November 9th, 2007
Eggs and kids, what could be messier? I guess when you are going down that road of science with kids it is sometimes necessary to get dirty.
I found this one on a web site called familieswithpurpose.com.
So here we go! You will need a hard boiled egg without its shell, a glass bottle with its mouth a little smaller then the egg, matches, and a small piece of paper.
First, drop the paper into the bottle, followed by the lit match. Then place the egg on top of the bottle. The egg should drop inside. To get the egg out turn the bottle over so that the egg covers the opening, then blow into the bottle. The egg should fall out.
Why does the egg fall into the bottle? The web site explains it this way “The egg prevents outside air (high pressure) from getting into the bottle while the flame causes the air inside the bottle (low pressure) to contract causing a small vacuum.
As the outer air pushes its way into the bottle and the vacuum is created in the bottle, the egg falls in.”
Why does the egg fall out? They state that “The air pressure in the bottle forces the egg out and into your hand.”
The egg might even still be edible after the experiment.
Click here to find more science experiments for kids.
Would you try this one?
November 6th, 2007
Did you know that you can use a coat hanger and string to make a science experiment for kids?
I found this one at tryscience.org called “Musical Coat Hangers”.
To try it you will need an old fashioned wire coat hanger and some string.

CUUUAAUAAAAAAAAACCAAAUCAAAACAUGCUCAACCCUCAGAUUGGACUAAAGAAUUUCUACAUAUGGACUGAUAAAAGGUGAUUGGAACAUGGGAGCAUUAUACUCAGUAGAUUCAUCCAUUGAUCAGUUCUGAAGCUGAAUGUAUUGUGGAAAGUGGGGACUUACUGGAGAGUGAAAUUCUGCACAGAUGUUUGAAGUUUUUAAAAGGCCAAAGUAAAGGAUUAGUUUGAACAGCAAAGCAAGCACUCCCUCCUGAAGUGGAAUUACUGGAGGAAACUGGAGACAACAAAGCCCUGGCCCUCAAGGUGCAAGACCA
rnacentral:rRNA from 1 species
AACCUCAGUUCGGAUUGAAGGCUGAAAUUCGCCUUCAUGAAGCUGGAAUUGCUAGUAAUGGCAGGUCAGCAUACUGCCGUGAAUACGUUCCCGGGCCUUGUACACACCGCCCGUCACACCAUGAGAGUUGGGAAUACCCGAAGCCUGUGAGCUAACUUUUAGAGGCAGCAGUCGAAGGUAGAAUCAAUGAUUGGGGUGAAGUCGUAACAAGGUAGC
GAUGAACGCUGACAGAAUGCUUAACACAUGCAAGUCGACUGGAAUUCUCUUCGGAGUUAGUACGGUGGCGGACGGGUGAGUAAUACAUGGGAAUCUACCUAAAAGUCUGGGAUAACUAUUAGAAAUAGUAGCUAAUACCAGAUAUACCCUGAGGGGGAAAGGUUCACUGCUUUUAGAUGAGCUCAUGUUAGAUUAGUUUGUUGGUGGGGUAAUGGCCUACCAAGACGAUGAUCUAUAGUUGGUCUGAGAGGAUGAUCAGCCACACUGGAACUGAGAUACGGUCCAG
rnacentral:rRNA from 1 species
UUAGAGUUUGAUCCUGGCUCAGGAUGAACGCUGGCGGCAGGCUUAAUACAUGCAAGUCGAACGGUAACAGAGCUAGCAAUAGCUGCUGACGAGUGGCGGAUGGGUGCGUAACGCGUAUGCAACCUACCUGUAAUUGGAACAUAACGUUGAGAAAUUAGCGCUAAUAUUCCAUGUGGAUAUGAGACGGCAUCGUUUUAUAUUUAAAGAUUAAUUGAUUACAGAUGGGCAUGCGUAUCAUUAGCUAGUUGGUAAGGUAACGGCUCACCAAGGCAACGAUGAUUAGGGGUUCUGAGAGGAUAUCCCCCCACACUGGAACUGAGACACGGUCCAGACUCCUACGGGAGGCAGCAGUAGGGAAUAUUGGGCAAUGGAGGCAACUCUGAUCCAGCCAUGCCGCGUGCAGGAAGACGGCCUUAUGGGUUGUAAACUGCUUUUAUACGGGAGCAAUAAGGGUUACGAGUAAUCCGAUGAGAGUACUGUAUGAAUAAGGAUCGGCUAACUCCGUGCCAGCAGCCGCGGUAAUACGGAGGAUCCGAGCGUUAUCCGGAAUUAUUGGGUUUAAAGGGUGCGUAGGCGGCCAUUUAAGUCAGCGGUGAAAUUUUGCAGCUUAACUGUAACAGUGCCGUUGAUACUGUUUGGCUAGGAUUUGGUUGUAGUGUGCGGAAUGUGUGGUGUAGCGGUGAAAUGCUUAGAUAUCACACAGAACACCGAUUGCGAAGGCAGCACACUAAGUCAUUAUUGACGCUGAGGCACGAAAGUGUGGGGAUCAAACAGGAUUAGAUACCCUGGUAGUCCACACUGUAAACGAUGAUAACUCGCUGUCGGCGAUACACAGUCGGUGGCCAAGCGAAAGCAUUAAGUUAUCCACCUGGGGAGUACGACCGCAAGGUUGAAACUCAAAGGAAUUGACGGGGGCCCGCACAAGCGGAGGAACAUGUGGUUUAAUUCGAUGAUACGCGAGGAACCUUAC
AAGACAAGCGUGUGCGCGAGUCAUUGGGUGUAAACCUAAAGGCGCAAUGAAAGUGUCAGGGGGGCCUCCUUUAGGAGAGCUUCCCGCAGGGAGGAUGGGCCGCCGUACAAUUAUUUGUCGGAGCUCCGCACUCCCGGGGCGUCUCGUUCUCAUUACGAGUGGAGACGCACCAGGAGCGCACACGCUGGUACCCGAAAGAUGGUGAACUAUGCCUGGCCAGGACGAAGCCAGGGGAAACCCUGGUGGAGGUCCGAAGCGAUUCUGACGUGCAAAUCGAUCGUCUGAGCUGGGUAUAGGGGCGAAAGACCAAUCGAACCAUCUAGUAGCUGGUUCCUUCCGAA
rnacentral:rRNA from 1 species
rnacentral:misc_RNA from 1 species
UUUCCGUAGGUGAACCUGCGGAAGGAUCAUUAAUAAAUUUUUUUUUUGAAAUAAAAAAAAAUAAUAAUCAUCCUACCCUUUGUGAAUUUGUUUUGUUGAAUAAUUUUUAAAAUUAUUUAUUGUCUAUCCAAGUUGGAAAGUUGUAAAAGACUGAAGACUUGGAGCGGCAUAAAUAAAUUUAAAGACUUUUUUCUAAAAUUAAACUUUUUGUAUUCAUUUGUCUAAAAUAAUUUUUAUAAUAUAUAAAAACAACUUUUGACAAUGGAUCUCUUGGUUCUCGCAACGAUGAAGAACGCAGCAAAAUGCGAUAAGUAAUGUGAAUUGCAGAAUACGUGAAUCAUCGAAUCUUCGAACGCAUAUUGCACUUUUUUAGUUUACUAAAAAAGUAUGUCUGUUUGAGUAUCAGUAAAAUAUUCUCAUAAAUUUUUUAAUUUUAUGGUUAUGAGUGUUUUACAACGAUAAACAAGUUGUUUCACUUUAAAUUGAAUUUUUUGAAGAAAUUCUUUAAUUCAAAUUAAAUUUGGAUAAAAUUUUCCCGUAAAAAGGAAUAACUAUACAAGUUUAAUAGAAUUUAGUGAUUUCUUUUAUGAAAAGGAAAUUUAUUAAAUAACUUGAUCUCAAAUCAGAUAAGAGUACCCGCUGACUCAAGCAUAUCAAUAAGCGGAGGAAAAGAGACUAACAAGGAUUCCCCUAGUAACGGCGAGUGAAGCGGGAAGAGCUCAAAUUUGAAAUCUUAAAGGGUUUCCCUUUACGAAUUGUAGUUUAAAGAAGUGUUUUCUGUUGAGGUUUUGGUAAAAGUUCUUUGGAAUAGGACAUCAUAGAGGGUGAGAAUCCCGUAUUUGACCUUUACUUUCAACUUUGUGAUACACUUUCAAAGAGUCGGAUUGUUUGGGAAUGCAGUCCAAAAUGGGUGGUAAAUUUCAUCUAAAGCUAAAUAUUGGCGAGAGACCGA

To start this experiment tie 20 inches of cotton thread on each end of the hanger, then wrap the other ends around your finger. Bend the hanger in half so it can swing. Then bump it into things around your house. Try it again with your fingers in your ears.
What is happening is described as “When you bump the coat hanger, it shakes or vibrates, making a noise. The noise is louder when your fingers are in your ears because the vibrations travel better through the tight cotton threads than through the air”
This experiment should be fun for the younger kids.
To see more science experiments for kids.
Will this be a fun one?
October 25th, 2007
I found a fun experiment at spartechsoftware.com that involves the kitchen sink. The web site asks this question “How does a boat or ship carrying hundreds of pounds worth of stuff float while that same stuff would sink to the bottom of the ocean if dumped overboard? How come when you’re in a pool and you stretch your body out flat you float. But, if you wrap your arms around your legs and curl up into a ball you sink? Well, it all has to do with how much water is pushing against you and a little scientific principle called buoyancy or flotation.”
To test this, fill your sink with water. Then get some clay. Split the clay in two different pieces. Make one piece into a ball, then make the other into a boat shape. Place these into the water to see what happens.
What has happened is explained as “if the total area of the object that makes contact with the water is large enough, the object floats. The object must make room for its own volume by pushing aside, or displacing, an equivalent (or equal) volume of liquid. The object is exerting a downward force on the water and the water is therefore exerting an upward force on the object. Of course the floating object’s weight comes into play also. The solid body floats when it has displaced just enough water to equal its own original weight.”
I will definitely try this one with my kids, it doesn’t sound like it would make too big of a mess.
Would you try this one?
Here is a great place to find more science experiments for kids.
October 25th, 2007
There is nothing more fun than seeing the delight in children’s eyes as they learn something new. As I am on the road to find out how best to home school my child I have found that a lot can be learned from science experiments. Science is fun for parents as well as for kids. Whether you are looking for science fair projects, home school activities, or the fine educational family time you can follow along as I explore the wide world of science experiments for kids.